The form of the word was influenced in Middle English by Old French riche "wealthy, magnificent, sumptuous," which is, with Spanish rico, Italian ricco, from Frankish *riki "powerful," or some other cognate Germanic word. Old English also had a noun, rice "rule, reign, power, might; authority; empire" (compare Reich). The evolution of the word reflects a connection between wealth and power in the ancient world, though the "power" sense seems to be the oldest.
In transferred and extended senses from c. 1200. The meaning "magnificent" is from c. 1200; that of "of great value or worth" is from mid-13c. Of food and colors, "having an abundance of a characteristic quality that pleases the senses," from early 14c.; of sounds, from 1590s; of soils from 1570s. Sense of "entertaining, amusing" is recorded from 1760. The noun meaning "the wealthy" was in Old English.
English once had a related verb rixle "have domination, rule," from Old English rixian "to rule."
German, "kingdom, realm, state," from Old High German rihhi "realm," from Proto-Germanic *rikja "rule" (source also of Old Norse riki, Danish rige, Old Frisian and Middle Dutch rike, Dutch rijk, Old English rice, Gothic reiki), from PIE root *reg- "move in a straight line," with derivatives meaning "to direct in a straight line," thus "to lead, rule." Don Ringe, "From Proto-Indo-European to Proto-Germanic" [Oxford 2006] identifies it as a Celtic loan-word in Germanic rather than a direct evolution from PIE, based on the vowel. Used in English from 1871-1945 to refer to "the German state, Germany." Most notoriously in Third Reich (see third); there never was a First or Second in English usage.
also hoochie-coochie, hootchy kootchy, "erotic suggestive women's dance" (involving a lot of hip-grinding), 1898, of obscure origin, usually associated, without evidence, with the Chicago world's fair of 1893 and belly-dancer Little Egypt (who might not even have been there), but the word itself is attested from 1890, as the stage name of minstrel singer "Hoochy-Coochy Rice," and the chorus of the popular minstrel song "The Ham-Fat Man" (by 1856; see ham (n.2)) contains the nonsense phrase "Hoochee, kouchee, kouchee."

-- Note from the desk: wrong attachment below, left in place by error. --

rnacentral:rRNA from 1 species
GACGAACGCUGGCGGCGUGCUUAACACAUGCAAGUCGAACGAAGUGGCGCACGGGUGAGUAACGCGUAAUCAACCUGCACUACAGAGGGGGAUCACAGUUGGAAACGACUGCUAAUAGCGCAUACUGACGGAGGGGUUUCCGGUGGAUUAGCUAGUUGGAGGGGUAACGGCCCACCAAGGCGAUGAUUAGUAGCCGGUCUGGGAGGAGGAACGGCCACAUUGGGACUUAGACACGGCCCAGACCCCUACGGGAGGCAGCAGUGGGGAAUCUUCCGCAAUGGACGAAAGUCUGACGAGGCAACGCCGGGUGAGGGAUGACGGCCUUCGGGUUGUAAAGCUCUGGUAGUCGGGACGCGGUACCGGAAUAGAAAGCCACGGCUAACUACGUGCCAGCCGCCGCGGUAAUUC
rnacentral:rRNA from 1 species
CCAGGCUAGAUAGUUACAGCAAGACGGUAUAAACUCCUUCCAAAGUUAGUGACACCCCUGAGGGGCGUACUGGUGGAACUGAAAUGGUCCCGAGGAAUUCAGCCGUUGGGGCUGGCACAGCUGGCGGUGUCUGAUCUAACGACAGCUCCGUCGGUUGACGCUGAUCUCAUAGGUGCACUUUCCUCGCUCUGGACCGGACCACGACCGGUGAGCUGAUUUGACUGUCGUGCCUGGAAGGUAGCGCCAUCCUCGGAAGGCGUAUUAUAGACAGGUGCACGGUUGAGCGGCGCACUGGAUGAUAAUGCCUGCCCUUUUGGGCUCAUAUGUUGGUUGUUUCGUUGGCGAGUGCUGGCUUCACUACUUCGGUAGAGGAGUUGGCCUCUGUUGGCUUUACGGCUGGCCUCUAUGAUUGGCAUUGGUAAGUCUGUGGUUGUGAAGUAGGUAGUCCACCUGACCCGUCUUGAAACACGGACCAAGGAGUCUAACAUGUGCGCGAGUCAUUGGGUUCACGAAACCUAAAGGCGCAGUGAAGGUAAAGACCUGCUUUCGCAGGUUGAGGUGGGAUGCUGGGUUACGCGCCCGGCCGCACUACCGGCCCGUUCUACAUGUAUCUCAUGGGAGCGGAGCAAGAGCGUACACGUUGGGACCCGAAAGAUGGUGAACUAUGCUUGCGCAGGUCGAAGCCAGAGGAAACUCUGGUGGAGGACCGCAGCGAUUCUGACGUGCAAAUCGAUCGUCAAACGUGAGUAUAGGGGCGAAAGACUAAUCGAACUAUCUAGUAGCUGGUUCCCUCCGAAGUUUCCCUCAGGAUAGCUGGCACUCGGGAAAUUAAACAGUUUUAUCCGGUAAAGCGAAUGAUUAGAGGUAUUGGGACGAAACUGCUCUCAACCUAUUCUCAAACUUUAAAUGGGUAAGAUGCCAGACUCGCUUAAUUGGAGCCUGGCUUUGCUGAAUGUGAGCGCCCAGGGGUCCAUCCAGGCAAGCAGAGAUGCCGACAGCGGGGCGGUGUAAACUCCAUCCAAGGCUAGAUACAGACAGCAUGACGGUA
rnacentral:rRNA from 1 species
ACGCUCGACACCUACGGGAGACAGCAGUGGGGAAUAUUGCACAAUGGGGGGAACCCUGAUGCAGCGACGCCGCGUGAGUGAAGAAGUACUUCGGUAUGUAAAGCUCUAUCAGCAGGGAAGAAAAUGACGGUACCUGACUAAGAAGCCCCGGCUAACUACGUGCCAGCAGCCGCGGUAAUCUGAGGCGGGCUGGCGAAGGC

To-day, however, in place of the danse du ventre or the coochie-coochie we have the loop-the-loop or the razzle-dazzle, which latter, while not exactly edifying at least do not serve to deprave public taste. ["The Redemption of 'Old Coney,'" in Broadway Magazine, April 1904]
late 15c., "quick, sudden bite or cut," from Dutch or Low German snappen "to snap," probably related to Middle Low German or Middle Dutch snavel "bill, beak," from West Germanic *snu-, an imitative root forming words having to do with the nose (see snout).
As an adjective from 1790. Commonly used to indicate instantaneous action, as in snap judgment (1841). Sense of "quick movement" is first recorded 1630s; that of "something easily done" is 1877. Meaning "brief or sudden spell" of weather (usually cold) is from 1740. Meaning "catch or fastener that closes with a snapping sound" is from 1815. The card game name is attested from 1881, from a call used in the game. Meaning "a snap-shot" is from 1894. U.S. football sense is from 1912, earlier snap-back (1880), which also was a name for the center position. Snap, Crackle and Pop, cartoon characters associated with Kellogg breakfast cereal Rice Krispies, are from 1940.